Barring ‘bastards’: Israel’s marriage blacklist said to break privacy laws
When she decided to split up from her husband, she went before an Orthodox rabbinical court and, after two perfunctory hearings and little discussion, received a religious writ of divorce.
It was only months later that the woman learned that the court had flagged her as an adulteress and placed her on a little-known list that, in accordance with biblical law, prohibited her from remarrying her ex-husband or her alleged paramour.
The allegation, which the woman declined to address directly, had never been raised during court proceedings. She only learned of it from a clause in the divorce papers she received in the mail.
“They accused me of adultery without any basis for it,” the woman, who asked that her name be withheld, told JTA. “I was in shock. I didn’t know where it came from.”
The woman, who has petitioned the Supreme Court to have her name removed from the list, is one of more than 5,000 Israelis included on a list of people restricted from marrying based on prohibitions in traditional Jewish law.
The list includes children of mothers with non-Orthodox conversions and those who fall into the Jewish legal category known as mamzer, defined as the offspring of certain forbidden sexual relationships, including children of married women who conceive extramaritally and their descendants.
Israel’s religious courts, which regulate the state’s Jewish marriages according to Orthodox legal standards, say the list is necessary to ensure marriages are kosher. But a state comptroller’s report from last year says the courts added names to the list illegally.
The court “exceeded the limits of its authority,” the report said, by adding people to the list without first giving them a hearing. The practice, according to the report, contravened Israel’s Basic Law: Human Dignity and Liberty, which provides for a right to privacy and intimacy, as well as what the report called “natural laws of justice.”
“The state should not be in the business of blacklisting the children of mamzerim,” said Susan Weiss, the founder of the Center for Women’s Justice, a public interest law group that plans to petition the Supreme Court to eliminate the list. “All this bureaucracy that’s been developed and nurtured around the issue should be eliminated.”
The notion of a mamzer — a biblical term often translated as “bastard” — is a controversial one in Jewish law, which allows mamzers to marry only each other. In the past, leading rabbis made efforts to find legal loopholes that would avoid branding someone a mamzer and thereby restrict their marriage options. Enforcing those restrictions in modern Israel makes it exceedingly difficult for someone branded a mamzer by the courts to ever be legally married.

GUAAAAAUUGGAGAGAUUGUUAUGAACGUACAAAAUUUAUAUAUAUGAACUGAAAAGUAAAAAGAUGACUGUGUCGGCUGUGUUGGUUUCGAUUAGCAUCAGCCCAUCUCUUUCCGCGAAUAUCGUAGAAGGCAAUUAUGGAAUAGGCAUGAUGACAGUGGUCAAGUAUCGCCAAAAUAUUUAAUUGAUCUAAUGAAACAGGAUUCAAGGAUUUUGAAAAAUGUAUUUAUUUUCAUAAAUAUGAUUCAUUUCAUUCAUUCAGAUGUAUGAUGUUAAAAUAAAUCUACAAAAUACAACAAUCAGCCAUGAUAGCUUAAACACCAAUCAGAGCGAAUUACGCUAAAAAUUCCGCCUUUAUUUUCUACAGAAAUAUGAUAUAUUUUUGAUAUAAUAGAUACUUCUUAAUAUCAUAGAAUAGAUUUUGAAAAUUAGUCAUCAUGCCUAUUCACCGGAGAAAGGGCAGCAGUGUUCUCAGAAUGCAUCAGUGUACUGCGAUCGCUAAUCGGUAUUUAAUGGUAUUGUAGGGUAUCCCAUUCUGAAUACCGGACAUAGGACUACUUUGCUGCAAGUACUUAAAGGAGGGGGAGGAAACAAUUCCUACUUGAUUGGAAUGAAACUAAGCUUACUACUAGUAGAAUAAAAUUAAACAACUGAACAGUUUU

Maayan Arviv, a spokeswoman for the religious courts, told JTA in an email that names typically enter the list after rabbinical courts adjudicate personal status questions necessary to reach a verdict in a related case. A higher court then reviews the decision.
Even without a formal register, religious courts would decline to allow marriage between a mamzer and another Jew. But without the list, Arviv wrote, “the marriage registrar could not exercise its authority regarding eligibility to marry.”
Arviv said the courts understand that mamzer is a taboo in the Orthodox community and that the need for discretion is paramount. The list is not publicized, she said, because “the rabbinical courts aren’t interested in people knowing what happens in other people’s backyards or inner rooms.”
Arviv declined to comment on the specifics of the divorced woman’s case because it is under review by the Supreme Court.
Batya Kahana Dror, who advocates for Jewish women seeking divorce, said that in an earlier era, rabbis rarely classified people as mamzers because details of a person’s origins were typically conveyed by word of mouth and were harder to confirm.
“There have been mamzerim throughout history, but no one knew,” Dror said. “But now, the way we save information leads us to the present situation.”
Others say the whole concept of mamzer is damaging and rabbis should find ways to eliminate it.
“The issue won’t be solved until the community frees itself from the idea that we must exclude mamzerim,” said Rivkah Lubitch, a litigator in the rabbinical court system and a Center for Women’s Justice board member. “It’s hard to say I’m a religious person and support a society that hurts people like this.”
Beyond the headaches of her legal battle to clear her name, the divorced woman said that being on the list hasn’t made her life harder. The courts are prohibiting her from marrying only two people, neither of whom she wants to wed. But she is fighting the decision on principle.
“An adulteress in my eyes is not an honest person,” she said. “It’s one of the Ten Commandments. How dare they do that?”